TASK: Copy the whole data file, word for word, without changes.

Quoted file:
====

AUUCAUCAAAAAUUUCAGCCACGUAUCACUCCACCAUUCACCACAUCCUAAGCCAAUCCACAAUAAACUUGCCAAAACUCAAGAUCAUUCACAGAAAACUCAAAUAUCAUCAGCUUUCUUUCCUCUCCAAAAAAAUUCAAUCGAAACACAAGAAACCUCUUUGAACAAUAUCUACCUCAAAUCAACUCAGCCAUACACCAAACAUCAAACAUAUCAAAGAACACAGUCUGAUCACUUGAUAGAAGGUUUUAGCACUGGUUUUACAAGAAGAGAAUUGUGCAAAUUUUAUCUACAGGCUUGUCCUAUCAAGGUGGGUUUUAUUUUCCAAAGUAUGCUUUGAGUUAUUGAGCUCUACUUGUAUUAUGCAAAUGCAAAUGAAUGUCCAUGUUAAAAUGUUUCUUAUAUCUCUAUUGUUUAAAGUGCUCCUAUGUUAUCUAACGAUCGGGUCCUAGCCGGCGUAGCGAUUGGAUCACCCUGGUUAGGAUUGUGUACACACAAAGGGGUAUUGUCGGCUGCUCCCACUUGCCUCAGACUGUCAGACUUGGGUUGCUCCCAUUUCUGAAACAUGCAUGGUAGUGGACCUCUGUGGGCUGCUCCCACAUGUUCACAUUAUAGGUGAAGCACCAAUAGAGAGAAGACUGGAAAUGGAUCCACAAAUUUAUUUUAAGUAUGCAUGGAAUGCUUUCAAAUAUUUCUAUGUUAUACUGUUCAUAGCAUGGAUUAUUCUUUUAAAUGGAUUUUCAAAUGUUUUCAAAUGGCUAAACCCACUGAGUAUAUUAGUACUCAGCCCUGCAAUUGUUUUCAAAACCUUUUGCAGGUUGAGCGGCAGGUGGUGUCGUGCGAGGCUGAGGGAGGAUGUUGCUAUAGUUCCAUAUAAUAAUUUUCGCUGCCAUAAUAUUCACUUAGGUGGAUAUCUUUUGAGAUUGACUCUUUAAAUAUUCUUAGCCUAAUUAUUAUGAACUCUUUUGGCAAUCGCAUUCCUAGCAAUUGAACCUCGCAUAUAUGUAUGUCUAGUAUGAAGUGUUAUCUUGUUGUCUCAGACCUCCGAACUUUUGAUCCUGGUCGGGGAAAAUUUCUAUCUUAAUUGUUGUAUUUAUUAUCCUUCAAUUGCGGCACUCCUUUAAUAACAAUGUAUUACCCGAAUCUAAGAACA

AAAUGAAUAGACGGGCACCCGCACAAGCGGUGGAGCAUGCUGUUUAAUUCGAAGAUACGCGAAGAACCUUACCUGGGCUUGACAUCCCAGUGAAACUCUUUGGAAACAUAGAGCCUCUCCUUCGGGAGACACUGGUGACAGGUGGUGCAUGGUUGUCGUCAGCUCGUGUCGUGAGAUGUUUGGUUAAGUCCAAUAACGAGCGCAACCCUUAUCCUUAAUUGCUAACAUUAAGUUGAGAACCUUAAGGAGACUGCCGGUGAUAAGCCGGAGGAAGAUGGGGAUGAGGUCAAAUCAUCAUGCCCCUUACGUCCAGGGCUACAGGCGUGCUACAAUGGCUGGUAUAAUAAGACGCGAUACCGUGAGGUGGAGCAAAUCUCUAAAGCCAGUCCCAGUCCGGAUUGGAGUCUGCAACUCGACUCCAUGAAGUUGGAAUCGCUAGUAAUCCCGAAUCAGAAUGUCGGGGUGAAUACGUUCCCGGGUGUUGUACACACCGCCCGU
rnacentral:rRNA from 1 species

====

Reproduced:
AUUCAUCAAAAAUUUCAGCCACGUAUCACUCCACCAUUCACCACAUCCUAAGCCAAUCCACAAUAAACUUGCCAAAACUCAAGAUCAUUCACAGAAAACUCAAAUAUCAUCAGCUUUCUUUCCUCUCCAAAAAAAUUCAAUCGAAACACAAGAAACCUCUUUGAACAAUAUCUACCUCAAAUCAACUCAGCCAUACACCAAACAUCAAACAUAUCAAAGAACACAGUCUGAUCACUUGAUAGAAGGUUUUAGCACUGGUUUUACAAGAAGAGAAUUGUGCAAAUUUUAUCUACAGGCUUGUCCUAUCAAGGUGGGUUUUAUUUUCCAAAGUAUGCUUUGAGUUAUUGAGCUCUACUUGUAUUAUGCAAAUGCAAAUGAAUGUCCAUGUUAAAAUGUUUCUUAUAUCUCUAUUGUUUAAAGUGCUCCUAUGUUAUCUAACGAUCGGGUCCUAGCCGGCGUAGCGAUUGGAUCACCCUGGUUAGGAUUGUGUACACACAAAGGGGUAUUGUCGGCUGCUCCCACUUGCCUCAGACUGUCAGACUUGGGUUGCUCCCAUUUCUGAAACAUGCAUGGUAGUGGACCUCUGUGGGCUGCUCCCACAUGUUCACAUUAUAGGUGAAGCACCAAUAGAGAGAAGACUGGAAAUGGAUCCACAAAUUUAUUUUAAGUAUGCAUGGAAUGCUUUCAAAUAUUUCUAUGUUAUACUGUUCAUAGCAUGGAUUAUUCUUUUAAAUGGAUUUUCAAAUGUUUUCAAAUGGCUAAACCCACUGAGUAUAUUAGUACUCAGCCCUGCAAUUGUUUUCAAAACCUUUUGCAGGUUGAGCGGCAGGUGGUGUCGUGCGAGGCUGAGGGAGGAUGUUGCUAUAGUUCCAUAUAAUAAUUUUCGCUGCCAUAAUAUUCACUUAGGUGGAUAUCUUUUGAGAUUGACUCUUUAAAUAUUCUUAGCCUAAUUAUUAUGAACUCUUUUGGCAAUCGCAUUCCUAGCAAUUGAACCUCGCAUAUAUGUAUGUCUAGUAUGAAGUGUUAUCUUGUUGUCUCAGACCUCCGAACUUUUGAUCCUGGUCGGGGAAAAUUUCUAUCUUAAUUGUUGUAUUUAUUAUCCUUCAAUUGCGGCACUCCUUUAAUAACAAUGUAUUACCCGAAUCUAAGAACA

AAAUGAAUAGACGGGCACCCGCACAAGCGGUGGAGCAUGCUGUUUAAUUCGAAGAUACGCGAAGAACCUUACCUGGGCUUGACAUCCCAGUGAAACUCUUUGGAAACAUAGAGCCUCUCCUUCGGGAGACACUGGUGACAGGUGGUGCAUGGUUGUCGUCAGCUCGUGUCGUGAGAUGUUUGGUUAAGUCCAAUAACGAGCGCAACCCUUAUCCUUAAUUGCUAACAUUAAGUUGAGAACCUUAAGGAGACUGCCGGUGAUAAGCCGGAGGAAGAUGGGGAUGAGGUCAAAUCAUCAUGCCCCUUACGUCCAGGGCUACAGGCGUGCUACAAUGGCUGGUAUAAUAAGACGCGAUACCGUGAGGUGGAGCAAAUCUCUAAAGCCAGUCCCAGUCCGGAUUGGAGUCUGCAACUCGACUCCAUGAAGUUGGAAUCGCUAGUAAUCCCGAAUCAGAAUGUCGGGGUGAAUACGUUCCCGGGUGUUGUACACACCGCCCGU
rnacentral:rRNA from 1 species